Money Quote Friday – Character, Conduct, and Capacity Edition.

Between persons of equal income there is no social distinction except the distinction of merit. Money is nothing: character, conduct, and capacity are everything. There would be great people and ordinary people and little people, but the great would always be those who had done great things, and never the idiots whose mothers had spoiled them and whose fathers had left them a hundred thousand a year; and the little would be persons of small minds and mean characters, and not poor persons who had never had a chance. That is why idiots are always in favor of inequality of income (their only chance of eminence), and the really great in favor of equality.“ – George Bernard Shaw

I could not agree more, George. Making money truly means nothing to me after I have enough to be comfortable; it’s what else I do with my life that matters. Have a great weekend everyone.


Why I Am Not Claiming My Donation To The Haiti Relief Effort.

President Obama recently signed into law a bill that allows you to claim any donations you may have made to the Haiti relief effort on your tax return for last year (2009) or the current year (2010). If you donated any money between January 11th – March 1st, 2010, you can claim it on your return for either 2009 or 2010, whichever you want. Personally, I won’t be taking the deduction at all because I don’t feel it is right to give money to those less needy – and then take a write-off for it. I have the money to give, so I should give it without strings. I have always felt this way and have always donated money with the same intentions. My donations of “goods” to the Salvation Army or Goodwill are claimed, but any cash money donated is never claimed. Am I being foolish? Maybe. But it feels better to me to give the money without wanting any of it back, so I don’t ever claim it. I gave an entire day’s earnings from my sites to the relief effort and I don’t want any of it back from my own government; those people have nothing and I have a lot, in the grand scheme.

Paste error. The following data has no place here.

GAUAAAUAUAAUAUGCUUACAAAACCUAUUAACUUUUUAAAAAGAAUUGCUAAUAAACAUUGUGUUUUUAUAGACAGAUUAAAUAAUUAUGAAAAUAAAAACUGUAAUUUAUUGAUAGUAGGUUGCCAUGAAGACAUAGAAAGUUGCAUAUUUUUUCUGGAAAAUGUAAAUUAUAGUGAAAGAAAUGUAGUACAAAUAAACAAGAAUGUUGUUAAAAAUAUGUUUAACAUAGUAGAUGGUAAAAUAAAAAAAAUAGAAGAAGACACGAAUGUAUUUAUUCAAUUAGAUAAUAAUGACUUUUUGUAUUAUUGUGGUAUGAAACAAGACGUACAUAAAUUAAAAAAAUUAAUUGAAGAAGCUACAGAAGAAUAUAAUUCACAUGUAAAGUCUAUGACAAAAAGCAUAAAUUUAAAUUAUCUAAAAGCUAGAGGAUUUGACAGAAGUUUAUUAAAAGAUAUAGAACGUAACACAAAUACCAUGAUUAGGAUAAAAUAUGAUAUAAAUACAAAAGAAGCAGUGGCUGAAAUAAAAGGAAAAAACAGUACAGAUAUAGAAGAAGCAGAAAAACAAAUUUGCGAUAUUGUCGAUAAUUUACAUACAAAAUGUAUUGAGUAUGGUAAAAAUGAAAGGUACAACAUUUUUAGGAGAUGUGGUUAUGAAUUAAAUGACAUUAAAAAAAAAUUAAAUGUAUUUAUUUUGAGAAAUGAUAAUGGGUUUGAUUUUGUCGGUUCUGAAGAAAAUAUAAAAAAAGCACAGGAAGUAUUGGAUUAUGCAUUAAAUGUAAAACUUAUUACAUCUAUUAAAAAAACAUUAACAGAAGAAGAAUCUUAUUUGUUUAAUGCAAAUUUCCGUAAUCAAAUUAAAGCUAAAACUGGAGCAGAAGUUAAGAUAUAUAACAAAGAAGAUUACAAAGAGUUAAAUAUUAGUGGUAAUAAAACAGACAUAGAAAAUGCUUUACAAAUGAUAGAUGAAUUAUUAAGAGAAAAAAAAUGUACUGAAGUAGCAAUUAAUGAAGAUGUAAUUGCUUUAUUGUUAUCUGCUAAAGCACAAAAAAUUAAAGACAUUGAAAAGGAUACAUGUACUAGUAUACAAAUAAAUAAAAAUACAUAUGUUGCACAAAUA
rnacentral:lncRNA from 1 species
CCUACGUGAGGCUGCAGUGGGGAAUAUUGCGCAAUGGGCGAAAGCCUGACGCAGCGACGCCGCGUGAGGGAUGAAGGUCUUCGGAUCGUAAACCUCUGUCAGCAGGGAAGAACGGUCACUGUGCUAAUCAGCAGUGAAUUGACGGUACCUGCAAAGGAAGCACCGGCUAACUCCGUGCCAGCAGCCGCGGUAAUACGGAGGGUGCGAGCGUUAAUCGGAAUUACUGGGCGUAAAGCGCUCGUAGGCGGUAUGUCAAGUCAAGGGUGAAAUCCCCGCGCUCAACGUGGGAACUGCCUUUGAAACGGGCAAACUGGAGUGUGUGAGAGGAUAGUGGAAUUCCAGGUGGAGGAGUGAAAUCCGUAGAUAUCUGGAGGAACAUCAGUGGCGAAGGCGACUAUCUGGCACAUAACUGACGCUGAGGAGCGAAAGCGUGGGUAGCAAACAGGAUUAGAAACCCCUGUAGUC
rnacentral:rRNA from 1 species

Do you claim your donations on your tax return? Like I said, I claim “goods” but I don’t claim cash money. I don’t give a lot of cash money to charities throughout the year, so when I do I don’t feel comfortable asking for some of it back when I have so much and they have so little. But most people do claim the donations, including most of my good friends. So maybe I am the weird one out!


Getting Financially On Track And A Book Giveaway.

The following is a guest post from Manisha Thakor, MBA, CF. Manisha and Sharon Kedar, MBA, CFA, are the authors of the book Get Financially Naked: How To Talk Money With Your Honey. Lucky for you guys, the publisher is sending me a copy to give away to a reader, so don’t miss how to enter at the bottom of this post!